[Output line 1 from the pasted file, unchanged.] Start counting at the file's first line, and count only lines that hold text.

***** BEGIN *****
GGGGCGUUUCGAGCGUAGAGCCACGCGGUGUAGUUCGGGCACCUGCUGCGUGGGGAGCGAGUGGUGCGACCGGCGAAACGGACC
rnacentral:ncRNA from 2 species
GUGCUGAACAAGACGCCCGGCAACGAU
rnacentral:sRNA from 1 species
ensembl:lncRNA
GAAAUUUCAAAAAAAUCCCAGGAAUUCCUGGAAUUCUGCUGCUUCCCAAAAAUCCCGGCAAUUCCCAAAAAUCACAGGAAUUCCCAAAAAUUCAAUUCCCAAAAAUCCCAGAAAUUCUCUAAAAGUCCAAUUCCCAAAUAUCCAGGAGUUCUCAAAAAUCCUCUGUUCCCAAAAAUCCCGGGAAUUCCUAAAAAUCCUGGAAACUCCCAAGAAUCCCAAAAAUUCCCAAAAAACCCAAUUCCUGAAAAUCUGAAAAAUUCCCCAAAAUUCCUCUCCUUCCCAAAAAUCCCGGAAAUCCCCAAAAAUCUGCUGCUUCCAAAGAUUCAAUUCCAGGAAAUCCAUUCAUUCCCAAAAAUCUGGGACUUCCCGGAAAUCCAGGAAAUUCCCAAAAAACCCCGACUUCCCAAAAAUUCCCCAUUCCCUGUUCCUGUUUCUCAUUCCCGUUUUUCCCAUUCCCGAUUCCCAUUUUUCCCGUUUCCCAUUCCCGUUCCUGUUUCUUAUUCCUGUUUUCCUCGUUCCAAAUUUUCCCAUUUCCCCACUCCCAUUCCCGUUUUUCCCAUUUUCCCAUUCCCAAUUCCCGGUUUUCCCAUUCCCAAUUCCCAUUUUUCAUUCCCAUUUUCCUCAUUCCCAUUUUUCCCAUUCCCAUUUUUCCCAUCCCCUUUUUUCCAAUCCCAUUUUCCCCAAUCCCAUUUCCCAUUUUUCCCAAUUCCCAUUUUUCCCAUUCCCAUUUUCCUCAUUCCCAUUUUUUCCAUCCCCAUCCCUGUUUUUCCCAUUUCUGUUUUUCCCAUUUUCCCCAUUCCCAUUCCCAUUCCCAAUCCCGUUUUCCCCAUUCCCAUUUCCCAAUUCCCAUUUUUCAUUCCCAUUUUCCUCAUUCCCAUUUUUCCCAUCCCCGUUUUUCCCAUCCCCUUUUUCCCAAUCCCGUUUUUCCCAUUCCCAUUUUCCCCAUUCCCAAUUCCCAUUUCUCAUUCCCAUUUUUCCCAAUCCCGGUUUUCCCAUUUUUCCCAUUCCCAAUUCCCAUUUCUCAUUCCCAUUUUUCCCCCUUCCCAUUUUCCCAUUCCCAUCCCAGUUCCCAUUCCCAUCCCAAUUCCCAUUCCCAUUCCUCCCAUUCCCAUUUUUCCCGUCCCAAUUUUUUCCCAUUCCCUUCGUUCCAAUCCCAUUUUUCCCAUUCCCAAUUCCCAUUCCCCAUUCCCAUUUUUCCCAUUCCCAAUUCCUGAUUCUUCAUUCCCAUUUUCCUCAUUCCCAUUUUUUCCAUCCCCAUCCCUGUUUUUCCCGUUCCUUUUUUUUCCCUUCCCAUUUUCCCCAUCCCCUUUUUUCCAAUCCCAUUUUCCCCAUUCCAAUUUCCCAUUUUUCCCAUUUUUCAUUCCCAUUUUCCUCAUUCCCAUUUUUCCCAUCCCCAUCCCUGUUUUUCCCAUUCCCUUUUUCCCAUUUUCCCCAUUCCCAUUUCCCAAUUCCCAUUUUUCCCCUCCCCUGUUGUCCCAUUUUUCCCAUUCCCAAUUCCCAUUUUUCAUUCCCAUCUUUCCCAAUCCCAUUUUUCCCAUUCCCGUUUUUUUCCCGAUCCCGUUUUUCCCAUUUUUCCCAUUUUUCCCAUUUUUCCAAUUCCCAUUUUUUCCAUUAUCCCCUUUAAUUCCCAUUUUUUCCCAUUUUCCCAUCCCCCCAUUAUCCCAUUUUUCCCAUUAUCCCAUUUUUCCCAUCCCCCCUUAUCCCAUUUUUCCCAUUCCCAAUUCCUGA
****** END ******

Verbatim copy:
GGGGCGUUUCGAGCGUAGAGCCACGCGGUGUAGUUCGGGCACCUGCUGCGUGGGGAGCGAGUGGUGCGACCGGCGAAACGGACC